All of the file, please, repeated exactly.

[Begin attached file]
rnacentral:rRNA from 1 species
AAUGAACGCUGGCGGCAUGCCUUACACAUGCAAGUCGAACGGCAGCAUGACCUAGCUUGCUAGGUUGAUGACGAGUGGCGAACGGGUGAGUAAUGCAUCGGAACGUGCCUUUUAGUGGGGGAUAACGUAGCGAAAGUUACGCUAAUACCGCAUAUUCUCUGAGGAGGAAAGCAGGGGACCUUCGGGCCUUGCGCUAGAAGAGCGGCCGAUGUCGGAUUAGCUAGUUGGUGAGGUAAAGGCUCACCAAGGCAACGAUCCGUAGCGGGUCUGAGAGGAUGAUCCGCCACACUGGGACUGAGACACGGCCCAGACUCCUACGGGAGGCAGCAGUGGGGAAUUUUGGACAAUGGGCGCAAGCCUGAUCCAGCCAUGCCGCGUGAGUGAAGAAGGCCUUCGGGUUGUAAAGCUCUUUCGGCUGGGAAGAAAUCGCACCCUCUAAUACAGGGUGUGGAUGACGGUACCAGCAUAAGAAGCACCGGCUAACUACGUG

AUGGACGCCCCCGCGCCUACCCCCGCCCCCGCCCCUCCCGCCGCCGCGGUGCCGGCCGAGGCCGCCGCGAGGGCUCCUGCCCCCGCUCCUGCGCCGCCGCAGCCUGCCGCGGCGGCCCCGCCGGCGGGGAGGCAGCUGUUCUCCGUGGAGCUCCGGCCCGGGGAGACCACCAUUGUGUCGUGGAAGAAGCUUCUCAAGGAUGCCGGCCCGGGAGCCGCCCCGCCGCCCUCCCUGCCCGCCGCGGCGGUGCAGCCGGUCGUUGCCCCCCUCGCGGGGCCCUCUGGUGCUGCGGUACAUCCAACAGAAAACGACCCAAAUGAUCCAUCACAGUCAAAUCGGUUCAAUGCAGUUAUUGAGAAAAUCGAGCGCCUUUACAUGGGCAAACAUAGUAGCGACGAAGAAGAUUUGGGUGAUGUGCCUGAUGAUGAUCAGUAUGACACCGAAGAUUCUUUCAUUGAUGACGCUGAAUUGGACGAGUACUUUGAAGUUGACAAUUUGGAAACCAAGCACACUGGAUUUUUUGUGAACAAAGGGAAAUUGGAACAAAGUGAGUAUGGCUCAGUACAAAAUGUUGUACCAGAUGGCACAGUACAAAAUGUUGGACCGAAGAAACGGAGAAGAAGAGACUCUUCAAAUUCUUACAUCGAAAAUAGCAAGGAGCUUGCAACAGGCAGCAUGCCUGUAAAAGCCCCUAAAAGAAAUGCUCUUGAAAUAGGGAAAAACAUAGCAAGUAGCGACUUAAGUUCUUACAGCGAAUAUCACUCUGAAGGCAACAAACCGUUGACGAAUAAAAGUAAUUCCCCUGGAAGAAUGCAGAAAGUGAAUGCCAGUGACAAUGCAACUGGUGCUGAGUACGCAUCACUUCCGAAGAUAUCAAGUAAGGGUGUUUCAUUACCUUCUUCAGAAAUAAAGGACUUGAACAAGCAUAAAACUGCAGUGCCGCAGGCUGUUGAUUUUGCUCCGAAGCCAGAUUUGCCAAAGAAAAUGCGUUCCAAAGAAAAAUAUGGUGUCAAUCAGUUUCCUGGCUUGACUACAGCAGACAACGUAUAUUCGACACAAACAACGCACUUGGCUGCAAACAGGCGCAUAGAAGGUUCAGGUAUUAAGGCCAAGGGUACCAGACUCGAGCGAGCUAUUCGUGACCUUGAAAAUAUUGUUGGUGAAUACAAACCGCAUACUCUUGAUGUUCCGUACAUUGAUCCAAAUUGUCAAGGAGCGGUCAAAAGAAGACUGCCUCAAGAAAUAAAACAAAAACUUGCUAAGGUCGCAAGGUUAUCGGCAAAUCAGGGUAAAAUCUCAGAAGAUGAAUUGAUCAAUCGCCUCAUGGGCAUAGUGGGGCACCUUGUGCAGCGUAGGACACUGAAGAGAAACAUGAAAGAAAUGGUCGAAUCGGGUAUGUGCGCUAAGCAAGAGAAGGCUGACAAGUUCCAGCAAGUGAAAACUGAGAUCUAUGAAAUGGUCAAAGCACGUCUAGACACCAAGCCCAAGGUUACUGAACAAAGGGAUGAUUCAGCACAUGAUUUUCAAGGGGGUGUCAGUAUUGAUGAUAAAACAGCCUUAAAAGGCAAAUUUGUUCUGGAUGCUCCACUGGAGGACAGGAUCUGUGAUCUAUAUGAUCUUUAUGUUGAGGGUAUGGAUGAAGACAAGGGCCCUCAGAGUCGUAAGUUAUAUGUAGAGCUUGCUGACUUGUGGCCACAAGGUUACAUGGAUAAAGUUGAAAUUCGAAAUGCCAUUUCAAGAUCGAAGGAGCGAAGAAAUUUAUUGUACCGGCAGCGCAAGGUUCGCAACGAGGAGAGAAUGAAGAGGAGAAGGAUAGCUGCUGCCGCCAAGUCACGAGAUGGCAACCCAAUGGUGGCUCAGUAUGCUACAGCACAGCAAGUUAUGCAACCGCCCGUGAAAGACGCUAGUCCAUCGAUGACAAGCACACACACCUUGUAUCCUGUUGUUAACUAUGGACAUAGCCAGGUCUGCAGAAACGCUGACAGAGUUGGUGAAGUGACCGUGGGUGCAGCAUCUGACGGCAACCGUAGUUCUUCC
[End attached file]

rnacentral:rRNA from 1 species
AAUGAACGCUGGCGGCAUGCCUUACACAUGCAAGUCGAACGGCAGCAUGACCUAGCUUGCUAGGUUGAUGACGAGUGGCGAACGGGUGAGUAAUGCAUCGGAACGUGCCUUUUAGUGGGGGAUAACGUAGCGAAAGUUACGCUAAUACCGCAUAUUCUCUGAGGAGGAAAGCAGGGGACCUUCGGGCCUUGCGCUAGAAGAGCGGCCGAUGUCGGAUUAGCUAGUUGGUGAGGUAAAGGCUCACCAAGGCAACGAUCCGUAGCGGGUCUGAGAGGAUGAUCCGCCACACUGGGACUGAGACACGGCCCAGACUCCUACGGGAGGCAGCAGUGGGGAAUUUUGGACAAUGGGCGCAAGCCUGAUCCAGCCAUGCCGCGUGAGUGAAGAAGGCCUUCGGGUUGUAAAGCUCUUUCGGCUGGGAAGAAAUCGCACCCUCUAAUACAGGGUGUGGAUGACGGUACCAGCAUAAGAAGCACCGGCUAACUACGUG

AUGGACGCCCCCGCGCCUACCCCCGCCCCCGCCCCUCCCGCCGCCGCGGUGCCGGCCGAGGCCGCCGCGAGGGCUCCUGCCCCCGCUCCUGCGCCGCCGCAGCCUGCCGCGGCGGCCCCGCCGGCGGGGAGGCAGCUGUUCUCCGUGGAGCUCCGGCCCGGGGAGACCACCAUUGUGUCGUGGAAGAAGCUUCUCAAGGAUGCCGGCCCGGGAGCCGCCCCGCCGCCCUCCCUGCCCGCCGCGGCGGUGCAGCCGGUCGUUGCCCCCCUCGCGGGGCCCUCUGGUGCUGCGGUACAUCCAACAGAAAACGACCCAAAUGAUCCAUCACAGUCAAAUCGGUUCAAUGCAGUUAUUGAGAAAAUCGAGCGCCUUUACAUGGGCAAACAUAGUAGCGACGAAGAAGAUUUGGGUGAUGUGCCUGAUGAUGAUCAGUAUGACACCGAAGAUUCUUUCAUUGAUGACGCUGAAUUGGACGAGUACUUUGAAGUUGACAAUUUGGAAACCAAGCACACUGGAUUUUUUGUGAACAAAGGGAAAUUGGAACAAAGUGAGUAUGGCUCAGUACAAAAUGUUGUACCAGAUGGCACAGUACAAAAUGUUGGACCGAAGAAACGGAGAAGAAGAGACUCUUCAAAUUCUUACAUCGAAAAUAGCAAGGAGCUUGCAACAGGCAGCAUGCCUGUAAAAGCCCCUAAAAGAAAUGCUCUUGAAAUAGGGAAAAACAUAGCAAGUAGCGACUUAAGUUCUUACAGCGAAUAUCACUCUGAAGGCAACAAACCGUUGACGAAUAAAAGUAAUUCCCCUGGAAGAAUGCAGAAAGUGAAUGCCAGUGACAAUGCAACUGGUGCUGAGUACGCAUCACUUCCGAAGAUAUCAAGUAAGGGUGUUUCAUUACCUUCUUCAGAAAUAAAGGACUUGAACAAGCAUAAAACUGCAGUGCCGCAGGCUGUUGAUUUUGCUCCGAAGCCAGAUUUGCCAAAGAAAAUGCGUUCCAAAGAAAAAUAUGGUGUCAAUCAGUUUCCUGGCUUGACUACAGCAGACAACGUAUAUUCGACACAAACAACGCACUUGGCUGCAAACAGGCGCAUAGAAGGUUCAGGUAUUAAGGCCAAGGGUACCAGACUCGAGCGAGCUAUUCGUGACCUUGAAAAUAUUGUUGGUGAAUACAAACCGCAUACUCUUGAUGUUCCGUACAUUGAUCCAAAUUGUCAAGGAGCGGUCAAAAGAAGACUGCCUCAAGAAAUAAAACAAAAACUUGCUAAGGUCGCAAGGUUAUCGGCAAAUCAGGGUAAAAUCUCAGAAGAUGAAUUGAUCAAUCGCCUCAUGGGCAUAGUGGGGCACCUUGUGCAGCGUAGGACACUGAAGAGAAACAUGAAAGAAAUGGUCGAAUCGGGUAUGUGCGCUAAGCAAGAGAAGGCUGACAAGUUCCAGCAAGUGAAAACUGAGAUCUAUGAAAUGGUCAAAGCACGUCUAGACACCAAGCCCAAGGUUACUGAACAAAGGGAUGAUUCAGCACAUGAUUUUCAAGGGGGUGUCAGUAUUGAUGAUAAAACAGCCUUAAAAGGCAAAUUUGUUCUGGAUGCUCCACUGGAGGACAGGAUCUGUGAUCUAUAUGAUCUUUAUGUUGAGGGUAUGGAUGAAGACAAGGGCCCUCAGAGUCGUAAGUUAUAUGUAGAGCUUGCUGACUUGUGGCCACAAGGUUACAUGGAUAAAGUUGAAAUUCGAAAUGCCAUUUCAAGAUCGAAGGAGCGAAGAAAUUUAUUGUACCGGCAGCGCAAGGUUCGCAACGAGGAGAGAAUGAAGAGGAGAAGGAUAGCUGCUGCCGCCAAGUCACGAGAUGGCAACCCAAUGGUGGCUCAGUAUGCUACAGCACAGCAAGUUAUGCAACCGCCCGUGAAAGACGCUAGUCCAUCGAUGACAAGCACACACACCUUGUAUCCUGUUGUUAACUAUGGACAUAGCCAGGUCUGCAGAAACGCUGACAGAGUUGGUGAAGUGACCGUGGGUGCAGCAUCUGACGGCAACCGUAGUUCUUCC